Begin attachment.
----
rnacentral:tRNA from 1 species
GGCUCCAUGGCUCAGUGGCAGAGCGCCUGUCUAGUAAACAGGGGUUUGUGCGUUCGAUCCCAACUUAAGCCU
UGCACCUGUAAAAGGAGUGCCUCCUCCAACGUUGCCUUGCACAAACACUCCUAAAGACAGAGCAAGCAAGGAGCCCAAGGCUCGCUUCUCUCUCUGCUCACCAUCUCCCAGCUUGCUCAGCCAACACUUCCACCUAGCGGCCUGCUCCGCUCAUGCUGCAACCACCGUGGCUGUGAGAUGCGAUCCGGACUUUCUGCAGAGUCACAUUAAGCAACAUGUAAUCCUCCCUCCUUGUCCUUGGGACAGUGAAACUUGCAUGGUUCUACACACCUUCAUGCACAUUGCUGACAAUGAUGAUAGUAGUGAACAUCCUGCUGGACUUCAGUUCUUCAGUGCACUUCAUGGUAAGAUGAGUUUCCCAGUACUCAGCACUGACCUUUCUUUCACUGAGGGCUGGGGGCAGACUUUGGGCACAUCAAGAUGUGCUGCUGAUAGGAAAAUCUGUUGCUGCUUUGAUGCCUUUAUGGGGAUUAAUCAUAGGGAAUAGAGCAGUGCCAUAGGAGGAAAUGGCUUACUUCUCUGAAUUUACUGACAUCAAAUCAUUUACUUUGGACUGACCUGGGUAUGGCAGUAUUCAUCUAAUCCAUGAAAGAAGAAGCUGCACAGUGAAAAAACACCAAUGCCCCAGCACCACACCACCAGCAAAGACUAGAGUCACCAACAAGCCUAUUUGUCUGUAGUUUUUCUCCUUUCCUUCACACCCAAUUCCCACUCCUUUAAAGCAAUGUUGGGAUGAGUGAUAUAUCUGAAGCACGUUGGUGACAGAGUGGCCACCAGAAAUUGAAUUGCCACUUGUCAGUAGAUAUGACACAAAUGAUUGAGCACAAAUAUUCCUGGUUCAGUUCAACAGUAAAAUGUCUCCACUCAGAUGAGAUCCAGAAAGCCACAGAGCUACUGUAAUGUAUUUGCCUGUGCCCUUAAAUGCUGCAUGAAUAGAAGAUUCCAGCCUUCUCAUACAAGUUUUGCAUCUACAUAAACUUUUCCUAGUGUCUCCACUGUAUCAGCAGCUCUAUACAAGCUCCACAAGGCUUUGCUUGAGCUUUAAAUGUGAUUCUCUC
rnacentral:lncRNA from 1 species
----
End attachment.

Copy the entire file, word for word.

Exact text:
rnacentral:tRNA from 1 species
GGCUCCAUGGCUCAGUGGCAGAGCGCCUGUCUAGUAAACAGGGGUUUGUGCGUUCGAUCCCAACUUAAGCCU
UGCACCUGUAAAAGGAGUGCCUCCUCCAACGUUGCCUUGCACAAACACUCCUAAAGACAGAGCAAGCAAGGAGCCCAAGGCUCGCUUCUCUCUCUGCUCACCAUCUCCCAGCUUGCUCAGCCAACACUUCCACCUAGCGGCCUGCUCCGCUCAUGCUGCAACCACCGUGGCUGUGAGAUGCGAUCCGGACUUUCUGCAGAGUCACAUUAAGCAACAUGUAAUCCUCCCUCCUUGUCCUUGGGACAGUGAAACUUGCAUGGUUCUACACACCUUCAUGCACAUUGCUGACAAUGAUGAUAGUAGUGAACAUCCUGCUGGACUUCAGUUCUUCAGUGCACUUCAUGGUAAGAUGAGUUUCCCAGUACUCAGCACUGACCUUUCUUUCACUGAGGGCUGGGGGCAGACUUUGGGCACAUCAAGAUGUGCUGCUGAUAGGAAAAUCUGUUGCUGCUUUGAUGCCUUUAUGGGGAUUAAUCAUAGGGAAUAGAGCAGUGCCAUAGGAGGAAAUGGCUUACUUCUCUGAAUUUACUGACAUCAAAUCAUUUACUUUGGACUGACCUGGGUAUGGCAGUAUUCAUCUAAUCCAUGAAAGAAGAAGCUGCACAGUGAAAAAACACCAAUGCCCCAGCACCACACCACCAGCAAAGACUAGAGUCACCAACAAGCCUAUUUGUCUGUAGUUUUUCUCCUUUCCUUCACACCCAAUUCCCACUCCUUUAAAGCAAUGUUGGGAUGAGUGAUAUAUCUGAAGCACGUUGGUGACAGAGUGGCCACCAGAAAUUGAAUUGCCACUUGUCAGUAGAUAUGACACAAAUGAUUGAGCACAAAUAUUCCUGGUUCAGUUCAACAGUAAAAUGUCUCCACUCAGAUGAGAUCCAGAAAGCCACAGAGCUACUGUAAUGUAUUUGCCUGUGCCCUUAAAUGCUGCAUGAAUAGAAGAUUCCAGCCUUCUCAUACAAGUUUUGCAUCUACAUAAACUUUUCCUAGUGUCUCCACUGUAUCAGCAGCUCUAUACAAGCUCCACAAGGCUUUGCUUGAGCUUUAAAUGUGAUUCUCUC
rnacentral:lncRNA from 1 species